German company offers advanced mapping technology for large buildings, and takes building management into the 21st century
- Age of business: Three years
- Name of business: contagt GmbH
- Location: Mannheim, Germany
- Team: : Johannes Britsch, Stephan Brandt, Niklas Bartz, and Johannes Schudt
- ODINE funding: €66,000
What does contagt do?
We enable building operators to manage their buildings more efficiently. With our smartphone app, visitors can view a building map, navigate indoors and report issues like defects or obstacles by sending photos to the building operator – together with the indoor location information.
How did you meet?
Though the internet! I had read about a project of my co-founders in a tech blog and contacted them. They were students from another university, but from the same city. We met and agreed on starting contagt together.
Where did the business idea come from?
Issue reporting is very normal in the software world. However, in the “real” world, giving feedback is quite a hassle: you have to find the responsible person, explain the issue you have discovered, and show where it is. With contagt, we provide a much easier, direct channel to the building operator.
Are you working with any other partners?
We have graduated from the Merck Accelerator Programme which we took part in last year. Now during the ODINE project, we are working together with big facility management companies and transportation companies.
How has ODINE helped you so far?
ODINE is definitely a door opener. Through the programme, we could establish good relations with the Deutsche Bahn Mindbox team and are currently testing our solution together with them.
What advice would you give to other companies pitching to ODINE?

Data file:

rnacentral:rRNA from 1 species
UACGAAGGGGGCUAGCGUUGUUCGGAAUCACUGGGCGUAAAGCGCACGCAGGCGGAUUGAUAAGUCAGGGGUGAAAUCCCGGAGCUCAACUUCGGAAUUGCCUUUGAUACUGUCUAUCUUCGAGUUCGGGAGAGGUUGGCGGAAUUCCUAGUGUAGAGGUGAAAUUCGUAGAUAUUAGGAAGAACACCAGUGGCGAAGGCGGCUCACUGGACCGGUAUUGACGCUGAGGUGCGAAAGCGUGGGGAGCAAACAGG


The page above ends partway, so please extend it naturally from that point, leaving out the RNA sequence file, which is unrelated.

Consider the question: what you can give back to the open data community? For example, through our crowd-sourced issue reports, open indoor map data can be improved at the same time. Also, keep it simple and European – solutions just for one country are not fitting to ODINE.
How would you encourage big business to buy into the open data movement?
Co-operating with startups is a nice way to foster quick change in big organisations. Regarding open data and open software, one implementation hurdle is often usability problems. The good news is there are specialised companies out there – like us – that make open data very simple to use. And here lies a huge opportunity: easy data creation leads to more accurate data which then again can be used by companies to increase efficiency, offer better service, and make better business decisions.
What’s the key trend in open data at the moment?
We see the open map project OpenStreetMap (OSM) getting more and more traction. New business models emerge around OSM. One of the biggest advantages of this data basis in contrast to US-based commercial map providers is the full level of control it offers. No “terms and conditions may apply” – that is exactly what makes European companies look into OSM, especially since the Safe Harbor law.
[This story first appeared on the Guardian]